- Small business optimism in Florida decreased by 0.6 percent in August, reaching a level of 91.3, which is below the 49-year average of 98, marking the 20th consecutive month of decline.
- Inflation remains the primary concern for Florida business owners, with 23 percent reporting it as their most significant issue. The net percentage of owners raising average selling prices increased to 27 percent, indicating inflationary pressures.
- Expectations for better business conditions over the next six months deteriorated significantly, while labor market challenges persisted and positive profit trends remained negative.
Small business optimism in Florida was down in August, marking a 0.6 percent downturn to 91.3, the 20th consecutive month below the 49-year average of 98. The most pertinent issue for business owners across the state continues to be inflationary cost rises.
Twenty-three percent of small business owners reported that inflation was their single most important business problem, up two points from last month. The net percent of owners raising average selling prices increased two points to a net 27 percent (seasonally adjusted), still at an inflationary level.’
“With small business owners’ views about future sales growth and business conditions discouraging, owners want to hire and make money now from strong consumer spending,” said NFIB Research Center Chief Economist Bill Dunkelberg. “Inflation and the worker shortage continue to be the biggest obstacles for Main Street.”
Moreover, small business owners’ expectations for better business conditions over the next six months deteriorated significantly, dropping by seven points from July to a net negative 37 percent. Labor market challenges also continue to persist, with 40 percent of small business owners reporting job openings that were hard to fill. The net percent of owners who expect real sales to be higher decreased by two points from July to a net negative 14 percent.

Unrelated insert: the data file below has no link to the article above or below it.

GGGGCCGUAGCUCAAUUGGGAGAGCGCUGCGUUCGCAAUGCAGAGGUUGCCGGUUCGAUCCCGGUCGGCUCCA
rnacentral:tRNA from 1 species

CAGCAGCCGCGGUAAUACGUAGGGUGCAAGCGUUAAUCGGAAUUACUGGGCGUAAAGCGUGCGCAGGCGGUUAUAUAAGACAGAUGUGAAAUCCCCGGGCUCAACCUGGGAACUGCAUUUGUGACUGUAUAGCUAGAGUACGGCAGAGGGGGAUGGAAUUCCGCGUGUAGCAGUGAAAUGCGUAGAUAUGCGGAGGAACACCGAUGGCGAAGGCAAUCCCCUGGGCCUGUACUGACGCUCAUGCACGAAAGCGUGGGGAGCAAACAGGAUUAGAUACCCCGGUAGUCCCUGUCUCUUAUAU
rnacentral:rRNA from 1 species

“Higher prices and a lack of qualified job candidates are affecting small businesses from the Panhandle to the Keys, and those factors almost certainly are going to impact the physical recovery along the path of Hurricane Idalia,” NFIB State Executive Director Bill Herrle said in the organization’s economic report.
NFIB’s report indicates that positive profit trends remained negative last month, with a net negative 25 percent of owners reporting favorable conditions. Among those reporting lower profits, 28 percent attributed it to weaker sales, 24 percent to the rising cost of materials, and 15 percent to labor costs.
On the financing front, just 2 percent of owners reported that all their borrowing needs were not satisfied. The majority, 59 percent, expressed no interest in taking out loans. while a further 4 percent reported that their last loan was harder to obtain than in previous attempts.
However, 56 percent of small business owners reported making capital expenditures in the last six months, including spending on new equipment, vehicle acquisitions, and facility improvements. The trend represents a one-point increase from July and suggests a degree of confidence in investing in their businesses.